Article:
Regional Inequality in India: A Fresh Look
There are concerns that regional inequality in India has increased after the economic reforms of 1991. This concern is supported by various statistical analyses. In this paper, we show that the conclusions are sensitive to what measures of attainment are used. In particular, human development indices do not show the same increase in regional inequality. Furthermore, looking at consumption and credit indicators for regions disaggregated below the state level also suggests that inequality trends may not be as bad as suggested by State Domestic Product data, although the greater strength of the economies of the western and southern states emerges in our results. Finally, we briefly discuss policy implications within the context of India’s evolving federal polity.
Please report citation or reference errors to , or , if you are the registered author of the cited work, log in to your RePEc Author Service profile, click on "citations" and make appropriate adjustments.:
- Rayaprolu Nagaraj & Aristomène Varoudakis & Marie-Ange Véganzonès, 1998.
"Long-Run Growth Trends and Convergence Across Indian States,"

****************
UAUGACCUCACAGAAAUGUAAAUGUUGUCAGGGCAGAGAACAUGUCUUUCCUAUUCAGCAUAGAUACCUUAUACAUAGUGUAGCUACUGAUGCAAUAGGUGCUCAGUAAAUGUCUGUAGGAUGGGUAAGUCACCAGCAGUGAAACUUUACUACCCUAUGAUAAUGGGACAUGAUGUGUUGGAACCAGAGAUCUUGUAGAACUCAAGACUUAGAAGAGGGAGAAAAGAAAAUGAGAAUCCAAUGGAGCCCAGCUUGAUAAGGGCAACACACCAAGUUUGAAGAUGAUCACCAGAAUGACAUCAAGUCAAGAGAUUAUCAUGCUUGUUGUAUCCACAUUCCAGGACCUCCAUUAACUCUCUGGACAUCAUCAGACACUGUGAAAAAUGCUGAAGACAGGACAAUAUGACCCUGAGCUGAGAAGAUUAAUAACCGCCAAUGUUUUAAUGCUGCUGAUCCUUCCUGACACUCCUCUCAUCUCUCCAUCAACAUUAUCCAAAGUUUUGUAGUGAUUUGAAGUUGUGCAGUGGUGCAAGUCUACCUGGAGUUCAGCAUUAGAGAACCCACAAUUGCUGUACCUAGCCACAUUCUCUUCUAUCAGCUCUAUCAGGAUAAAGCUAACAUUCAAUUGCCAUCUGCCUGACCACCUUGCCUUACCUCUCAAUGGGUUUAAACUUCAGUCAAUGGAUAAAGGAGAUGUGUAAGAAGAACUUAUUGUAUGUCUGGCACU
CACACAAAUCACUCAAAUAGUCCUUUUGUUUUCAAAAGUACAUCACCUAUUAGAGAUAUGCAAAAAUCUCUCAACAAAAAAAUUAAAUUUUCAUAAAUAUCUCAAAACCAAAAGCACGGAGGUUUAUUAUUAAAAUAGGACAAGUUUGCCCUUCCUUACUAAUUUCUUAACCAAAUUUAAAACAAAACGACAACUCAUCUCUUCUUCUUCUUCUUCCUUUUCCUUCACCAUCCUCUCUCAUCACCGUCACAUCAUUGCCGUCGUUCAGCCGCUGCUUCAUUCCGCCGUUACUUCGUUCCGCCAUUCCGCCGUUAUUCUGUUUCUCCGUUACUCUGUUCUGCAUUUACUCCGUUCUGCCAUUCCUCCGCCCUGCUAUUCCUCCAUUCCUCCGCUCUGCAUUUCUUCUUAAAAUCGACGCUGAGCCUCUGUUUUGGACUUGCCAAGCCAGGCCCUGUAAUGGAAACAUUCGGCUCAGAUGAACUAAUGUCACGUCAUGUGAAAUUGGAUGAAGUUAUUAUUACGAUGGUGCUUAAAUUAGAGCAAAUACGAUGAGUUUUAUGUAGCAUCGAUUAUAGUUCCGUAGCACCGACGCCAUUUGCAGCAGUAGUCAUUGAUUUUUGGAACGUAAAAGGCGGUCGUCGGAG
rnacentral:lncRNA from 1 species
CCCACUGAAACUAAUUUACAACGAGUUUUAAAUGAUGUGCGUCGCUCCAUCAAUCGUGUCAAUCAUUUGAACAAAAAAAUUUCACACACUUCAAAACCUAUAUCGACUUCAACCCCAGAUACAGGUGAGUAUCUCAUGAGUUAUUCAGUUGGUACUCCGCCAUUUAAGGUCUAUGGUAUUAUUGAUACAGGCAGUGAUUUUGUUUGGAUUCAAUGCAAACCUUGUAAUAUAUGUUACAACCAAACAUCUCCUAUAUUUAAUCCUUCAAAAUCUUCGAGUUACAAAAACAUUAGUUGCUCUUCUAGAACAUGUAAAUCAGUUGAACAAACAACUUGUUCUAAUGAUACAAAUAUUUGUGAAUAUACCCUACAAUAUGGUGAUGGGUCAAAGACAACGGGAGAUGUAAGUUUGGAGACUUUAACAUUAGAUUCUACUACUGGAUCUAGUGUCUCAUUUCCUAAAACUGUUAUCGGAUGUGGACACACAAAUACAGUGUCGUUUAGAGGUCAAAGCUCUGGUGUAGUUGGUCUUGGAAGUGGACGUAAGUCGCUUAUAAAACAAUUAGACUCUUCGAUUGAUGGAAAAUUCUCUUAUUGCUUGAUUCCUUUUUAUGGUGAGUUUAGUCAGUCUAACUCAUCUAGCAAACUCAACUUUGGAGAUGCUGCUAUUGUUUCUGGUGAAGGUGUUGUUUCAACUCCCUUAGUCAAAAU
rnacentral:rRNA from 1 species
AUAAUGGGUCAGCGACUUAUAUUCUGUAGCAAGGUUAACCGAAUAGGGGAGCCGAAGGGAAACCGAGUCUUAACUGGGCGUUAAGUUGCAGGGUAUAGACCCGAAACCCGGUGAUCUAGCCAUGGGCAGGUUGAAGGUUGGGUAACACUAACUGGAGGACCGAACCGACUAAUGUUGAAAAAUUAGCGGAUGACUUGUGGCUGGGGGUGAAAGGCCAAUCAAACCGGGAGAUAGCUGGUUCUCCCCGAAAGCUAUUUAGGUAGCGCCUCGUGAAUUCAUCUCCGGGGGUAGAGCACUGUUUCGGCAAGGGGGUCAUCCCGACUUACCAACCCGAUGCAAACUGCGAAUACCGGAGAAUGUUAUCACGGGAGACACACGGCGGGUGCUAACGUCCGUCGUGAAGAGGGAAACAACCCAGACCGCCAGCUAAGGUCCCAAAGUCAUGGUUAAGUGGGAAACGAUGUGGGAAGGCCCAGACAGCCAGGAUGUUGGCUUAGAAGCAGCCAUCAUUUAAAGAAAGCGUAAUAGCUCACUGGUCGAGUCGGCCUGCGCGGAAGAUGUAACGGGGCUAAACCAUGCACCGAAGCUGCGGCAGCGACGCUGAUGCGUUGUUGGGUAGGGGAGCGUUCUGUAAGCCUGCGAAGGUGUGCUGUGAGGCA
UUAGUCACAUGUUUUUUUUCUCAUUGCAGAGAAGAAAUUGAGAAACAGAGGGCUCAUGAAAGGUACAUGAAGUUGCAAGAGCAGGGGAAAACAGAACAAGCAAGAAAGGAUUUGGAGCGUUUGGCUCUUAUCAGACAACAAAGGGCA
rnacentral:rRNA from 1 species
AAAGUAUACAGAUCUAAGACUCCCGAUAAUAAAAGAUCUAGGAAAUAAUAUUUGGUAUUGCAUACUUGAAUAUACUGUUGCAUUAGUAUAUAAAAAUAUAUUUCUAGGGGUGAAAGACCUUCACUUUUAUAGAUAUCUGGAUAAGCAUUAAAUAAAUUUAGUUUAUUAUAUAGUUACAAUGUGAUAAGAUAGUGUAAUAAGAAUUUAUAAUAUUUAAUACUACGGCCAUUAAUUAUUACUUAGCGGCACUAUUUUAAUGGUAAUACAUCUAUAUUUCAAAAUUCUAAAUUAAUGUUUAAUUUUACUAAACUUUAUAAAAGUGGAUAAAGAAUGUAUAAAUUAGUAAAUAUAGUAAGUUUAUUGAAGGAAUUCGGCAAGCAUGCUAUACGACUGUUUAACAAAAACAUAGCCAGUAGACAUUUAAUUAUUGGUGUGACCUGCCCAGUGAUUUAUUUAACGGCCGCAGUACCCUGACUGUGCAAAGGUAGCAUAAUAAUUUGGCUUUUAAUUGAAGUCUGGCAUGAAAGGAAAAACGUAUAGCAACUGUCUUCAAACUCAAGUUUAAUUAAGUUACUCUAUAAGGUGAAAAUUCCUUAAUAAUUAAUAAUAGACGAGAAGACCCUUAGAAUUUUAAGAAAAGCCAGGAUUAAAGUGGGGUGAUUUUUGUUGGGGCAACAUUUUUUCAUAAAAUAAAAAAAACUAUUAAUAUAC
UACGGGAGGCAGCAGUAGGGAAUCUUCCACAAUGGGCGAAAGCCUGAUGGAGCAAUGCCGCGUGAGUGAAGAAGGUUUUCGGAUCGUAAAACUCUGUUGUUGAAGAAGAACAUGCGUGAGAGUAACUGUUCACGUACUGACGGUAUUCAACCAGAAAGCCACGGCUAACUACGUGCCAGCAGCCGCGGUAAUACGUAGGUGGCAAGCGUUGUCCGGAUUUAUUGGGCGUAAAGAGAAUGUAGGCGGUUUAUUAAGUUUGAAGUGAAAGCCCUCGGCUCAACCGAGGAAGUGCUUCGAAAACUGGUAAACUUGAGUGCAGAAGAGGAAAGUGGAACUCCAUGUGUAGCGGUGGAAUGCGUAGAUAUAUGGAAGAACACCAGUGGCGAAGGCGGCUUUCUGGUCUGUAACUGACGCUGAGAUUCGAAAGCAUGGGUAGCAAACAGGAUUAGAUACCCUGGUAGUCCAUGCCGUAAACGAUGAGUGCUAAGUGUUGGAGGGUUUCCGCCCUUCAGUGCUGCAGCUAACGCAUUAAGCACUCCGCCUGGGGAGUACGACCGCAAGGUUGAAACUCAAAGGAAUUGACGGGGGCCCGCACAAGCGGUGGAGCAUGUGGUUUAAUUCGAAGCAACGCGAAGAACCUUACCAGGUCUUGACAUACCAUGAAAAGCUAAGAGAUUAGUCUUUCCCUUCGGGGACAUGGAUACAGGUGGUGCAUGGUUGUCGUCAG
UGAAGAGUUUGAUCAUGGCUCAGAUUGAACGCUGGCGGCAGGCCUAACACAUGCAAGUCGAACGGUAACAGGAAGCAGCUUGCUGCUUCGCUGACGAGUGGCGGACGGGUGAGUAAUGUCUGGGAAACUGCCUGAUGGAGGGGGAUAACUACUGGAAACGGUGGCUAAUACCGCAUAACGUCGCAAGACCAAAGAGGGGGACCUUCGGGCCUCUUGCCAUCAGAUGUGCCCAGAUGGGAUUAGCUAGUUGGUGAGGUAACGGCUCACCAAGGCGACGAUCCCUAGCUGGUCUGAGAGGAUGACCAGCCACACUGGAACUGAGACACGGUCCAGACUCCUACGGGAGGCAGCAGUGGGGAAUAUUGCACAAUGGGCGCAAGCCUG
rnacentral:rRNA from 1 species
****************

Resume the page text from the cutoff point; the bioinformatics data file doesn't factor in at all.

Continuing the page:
OECD Development Centre Working Papers
131, OECD Publishing.
- R. Nagaraj & A. Varoudakis & M.-A. Véganzonès, 2000. "Long-run growth trends and convergence across Indian States," Journal of International Development, John Wiley & Sons, Ltd., vol. 12(1), pages 45-70.
- Angus Deaton & Jean Dreze, 2002.
"Poverty and Inequality in India: A Re-Examination,"
184, Princeton University, Woodrow Wilson School of Public and International Affairs, Research Program in Development Studies..
When requesting a correction, please mention this item's handle: RePEc:wpa:wuwpdc:0412006. See general information about how to correct material in RePEc.
For technical questions regarding this item, or to correct its authors, title, abstract, bibliographic or download information, contact: (EconWPA)
If references are entirely missing, you can add them using this form.